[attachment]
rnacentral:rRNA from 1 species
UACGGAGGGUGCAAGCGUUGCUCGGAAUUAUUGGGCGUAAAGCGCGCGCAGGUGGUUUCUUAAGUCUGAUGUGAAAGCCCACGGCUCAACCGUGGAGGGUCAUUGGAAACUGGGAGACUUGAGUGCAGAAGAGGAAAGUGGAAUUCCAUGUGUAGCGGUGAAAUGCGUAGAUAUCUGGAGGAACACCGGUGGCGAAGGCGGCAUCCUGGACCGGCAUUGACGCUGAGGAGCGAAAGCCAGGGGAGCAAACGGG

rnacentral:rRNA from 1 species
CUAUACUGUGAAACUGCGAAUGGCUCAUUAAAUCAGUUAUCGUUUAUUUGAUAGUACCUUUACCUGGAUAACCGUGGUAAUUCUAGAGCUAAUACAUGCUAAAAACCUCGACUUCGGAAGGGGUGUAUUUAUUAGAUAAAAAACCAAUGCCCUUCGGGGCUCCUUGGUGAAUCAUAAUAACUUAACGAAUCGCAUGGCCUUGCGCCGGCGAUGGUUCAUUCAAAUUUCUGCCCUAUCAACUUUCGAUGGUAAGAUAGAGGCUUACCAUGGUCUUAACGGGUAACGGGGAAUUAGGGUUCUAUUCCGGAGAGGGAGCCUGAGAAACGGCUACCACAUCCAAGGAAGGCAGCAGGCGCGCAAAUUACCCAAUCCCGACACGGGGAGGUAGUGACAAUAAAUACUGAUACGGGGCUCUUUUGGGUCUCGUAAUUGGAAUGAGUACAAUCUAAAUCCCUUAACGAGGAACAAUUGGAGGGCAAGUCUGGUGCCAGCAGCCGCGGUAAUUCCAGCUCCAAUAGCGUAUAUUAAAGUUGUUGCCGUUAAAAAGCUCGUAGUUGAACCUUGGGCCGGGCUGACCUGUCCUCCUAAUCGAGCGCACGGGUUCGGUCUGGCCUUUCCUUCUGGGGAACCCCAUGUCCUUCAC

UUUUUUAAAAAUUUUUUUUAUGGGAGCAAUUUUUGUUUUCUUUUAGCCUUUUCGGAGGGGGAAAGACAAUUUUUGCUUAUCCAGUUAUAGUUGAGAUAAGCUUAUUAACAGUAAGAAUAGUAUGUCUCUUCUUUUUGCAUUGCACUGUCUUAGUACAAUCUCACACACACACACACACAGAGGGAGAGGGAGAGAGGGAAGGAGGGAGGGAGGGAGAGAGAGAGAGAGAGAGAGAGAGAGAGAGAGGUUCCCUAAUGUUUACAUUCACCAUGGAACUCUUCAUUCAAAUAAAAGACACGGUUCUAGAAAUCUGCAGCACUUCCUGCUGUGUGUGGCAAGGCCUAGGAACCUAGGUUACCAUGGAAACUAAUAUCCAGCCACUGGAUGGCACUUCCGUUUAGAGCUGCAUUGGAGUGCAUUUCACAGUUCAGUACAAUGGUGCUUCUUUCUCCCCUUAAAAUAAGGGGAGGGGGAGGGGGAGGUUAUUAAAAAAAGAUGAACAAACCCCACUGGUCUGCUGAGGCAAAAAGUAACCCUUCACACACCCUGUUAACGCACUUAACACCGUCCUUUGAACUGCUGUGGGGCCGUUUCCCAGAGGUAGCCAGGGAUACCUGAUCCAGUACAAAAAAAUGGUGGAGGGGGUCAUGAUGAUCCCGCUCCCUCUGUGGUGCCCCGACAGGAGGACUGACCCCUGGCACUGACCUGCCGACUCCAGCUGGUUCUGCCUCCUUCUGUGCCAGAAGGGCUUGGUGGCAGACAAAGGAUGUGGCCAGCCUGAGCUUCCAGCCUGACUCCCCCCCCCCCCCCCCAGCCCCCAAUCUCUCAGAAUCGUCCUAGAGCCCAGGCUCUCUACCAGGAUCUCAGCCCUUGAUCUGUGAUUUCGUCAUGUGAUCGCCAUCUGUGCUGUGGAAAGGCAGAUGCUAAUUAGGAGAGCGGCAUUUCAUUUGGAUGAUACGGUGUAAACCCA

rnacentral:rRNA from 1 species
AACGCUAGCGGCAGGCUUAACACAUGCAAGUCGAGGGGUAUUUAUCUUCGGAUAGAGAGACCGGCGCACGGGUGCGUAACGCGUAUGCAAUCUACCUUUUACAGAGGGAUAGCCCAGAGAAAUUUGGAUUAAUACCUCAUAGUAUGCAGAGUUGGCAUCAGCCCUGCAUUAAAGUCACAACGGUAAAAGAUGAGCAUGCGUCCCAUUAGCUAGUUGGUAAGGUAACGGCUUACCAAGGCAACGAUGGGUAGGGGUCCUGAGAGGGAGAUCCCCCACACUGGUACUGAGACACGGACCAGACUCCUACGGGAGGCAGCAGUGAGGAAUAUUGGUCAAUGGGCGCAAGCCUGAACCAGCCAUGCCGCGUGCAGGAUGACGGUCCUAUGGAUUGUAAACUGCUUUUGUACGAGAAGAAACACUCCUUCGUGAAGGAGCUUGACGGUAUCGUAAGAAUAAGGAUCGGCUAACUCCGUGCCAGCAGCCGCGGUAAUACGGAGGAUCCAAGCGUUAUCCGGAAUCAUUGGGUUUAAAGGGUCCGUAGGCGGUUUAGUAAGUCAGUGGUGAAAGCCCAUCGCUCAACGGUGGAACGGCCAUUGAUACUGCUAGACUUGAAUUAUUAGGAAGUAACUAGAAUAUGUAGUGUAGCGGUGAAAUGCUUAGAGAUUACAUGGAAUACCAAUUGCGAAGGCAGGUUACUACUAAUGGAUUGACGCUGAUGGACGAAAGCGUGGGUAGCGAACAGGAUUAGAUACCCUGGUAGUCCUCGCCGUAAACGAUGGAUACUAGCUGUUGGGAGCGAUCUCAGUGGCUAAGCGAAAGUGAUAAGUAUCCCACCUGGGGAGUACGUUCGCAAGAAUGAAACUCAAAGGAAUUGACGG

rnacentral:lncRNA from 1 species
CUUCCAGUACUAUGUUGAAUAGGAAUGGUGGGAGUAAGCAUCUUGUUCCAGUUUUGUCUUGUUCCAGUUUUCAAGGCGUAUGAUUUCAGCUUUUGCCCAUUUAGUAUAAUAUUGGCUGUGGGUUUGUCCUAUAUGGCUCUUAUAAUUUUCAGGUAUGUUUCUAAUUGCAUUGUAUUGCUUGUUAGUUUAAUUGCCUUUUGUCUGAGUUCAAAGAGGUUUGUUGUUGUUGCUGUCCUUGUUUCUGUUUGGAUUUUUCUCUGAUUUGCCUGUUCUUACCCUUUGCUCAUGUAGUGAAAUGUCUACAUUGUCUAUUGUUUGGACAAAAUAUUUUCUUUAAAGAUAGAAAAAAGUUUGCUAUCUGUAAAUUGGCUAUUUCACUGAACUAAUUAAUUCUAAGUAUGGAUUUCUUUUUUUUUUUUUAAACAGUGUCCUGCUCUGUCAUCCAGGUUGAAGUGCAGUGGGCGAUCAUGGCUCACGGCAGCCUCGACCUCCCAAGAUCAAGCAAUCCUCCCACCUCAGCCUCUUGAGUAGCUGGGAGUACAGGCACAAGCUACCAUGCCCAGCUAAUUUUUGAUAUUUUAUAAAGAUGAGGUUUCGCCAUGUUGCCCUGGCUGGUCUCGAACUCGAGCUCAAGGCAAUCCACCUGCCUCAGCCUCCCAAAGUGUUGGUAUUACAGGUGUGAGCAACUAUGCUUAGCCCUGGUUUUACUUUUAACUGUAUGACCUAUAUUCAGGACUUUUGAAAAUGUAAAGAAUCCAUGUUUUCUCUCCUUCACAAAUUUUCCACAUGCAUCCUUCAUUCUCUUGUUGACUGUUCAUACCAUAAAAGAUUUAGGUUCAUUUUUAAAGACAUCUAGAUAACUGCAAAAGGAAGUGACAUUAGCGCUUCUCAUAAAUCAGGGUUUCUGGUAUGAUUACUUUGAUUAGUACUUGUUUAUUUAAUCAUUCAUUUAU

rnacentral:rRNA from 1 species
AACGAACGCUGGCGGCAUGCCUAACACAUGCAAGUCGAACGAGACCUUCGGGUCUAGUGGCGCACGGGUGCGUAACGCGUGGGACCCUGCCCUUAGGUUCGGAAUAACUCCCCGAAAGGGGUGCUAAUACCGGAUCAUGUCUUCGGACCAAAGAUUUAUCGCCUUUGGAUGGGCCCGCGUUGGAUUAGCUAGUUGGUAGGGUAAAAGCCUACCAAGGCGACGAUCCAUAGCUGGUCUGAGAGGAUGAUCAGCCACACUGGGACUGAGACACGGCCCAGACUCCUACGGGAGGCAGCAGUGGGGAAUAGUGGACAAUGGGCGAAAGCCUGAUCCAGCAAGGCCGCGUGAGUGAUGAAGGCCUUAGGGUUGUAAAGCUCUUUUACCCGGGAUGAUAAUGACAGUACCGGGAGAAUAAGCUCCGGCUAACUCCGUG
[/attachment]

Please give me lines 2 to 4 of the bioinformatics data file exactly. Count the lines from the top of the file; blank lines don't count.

UACGGAGGGUGCAAGCGUUGCUCGGAAUUAUUGGGCGUAAAGCGCGCGCAGGUGGUUUCUUAAGUCUGAUGUGAAAGCCCACGGCUCAACCGUGGAGGGUCAUUGGAAACUGGGAGACUUGAGUGCAGAAGAGGAAAGUGGAAUUCCAUGUGUAGCGGUGAAAUGCGUAGAUAUCUGGAGGAACACCGGUGGCGAAGGCGGCAUCCUGGACCGGCAUUGACGCUGAGGAGCGAAAGCCAGGGGAGCAAACGGG

rnacentral:rRNA from 1 species
CUAUACUGUGAAACUGCGAAUGGCUCAUUAAAUCAGUUAUCGUUUAUUUGAUAGUACCUUUACCUGGAUAACCGUGGUAAUUCUAGAGCUAAUACAUGCUAAAAACCUCGACUUCGGAAGGGGUGUAUUUAUUAGAUAAAAAACCAAUGCCCUUCGGGGCUCCUUGGUGAAUCAUAAUAACUUAACGAAUCGCAUGGCCUUGCGCCGGCGAUGGUUCAUUCAAAUUUCUGCCCUAUCAACUUUCGAUGGUAAGAUAGAGGCUUACCAUGGUCUUAACGGGUAACGGGGAAUUAGGGUUCUAUUCCGGAGAGGGAGCCUGAGAAACGGCUACCACAUCCAAGGAAGGCAGCAGGCGCGCAAAUUACCCAAUCCCGACACGGGGAGGUAGUGACAAUAAAUACUGAUACGGGGCUCUUUUGGGUCUCGUAAUUGGAAUGAGUACAAUCUAAAUCCCUUAACGAGGAACAAUUGGAGGGCAAGUCUGGUGCCAGCAGCCGCGGUAAUUCCAGCUCCAAUAGCGUAUAUUAAAGUUGUUGCCGUUAAAAAGCUCGUAGUUGAACCUUGGGCCGGGCUGACCUGUCCUCCUAAUCGAGCGCACGGGUUCGGUCUGGCCUUUCCUUCUGGGGAACCCCAUGUCCUUCAC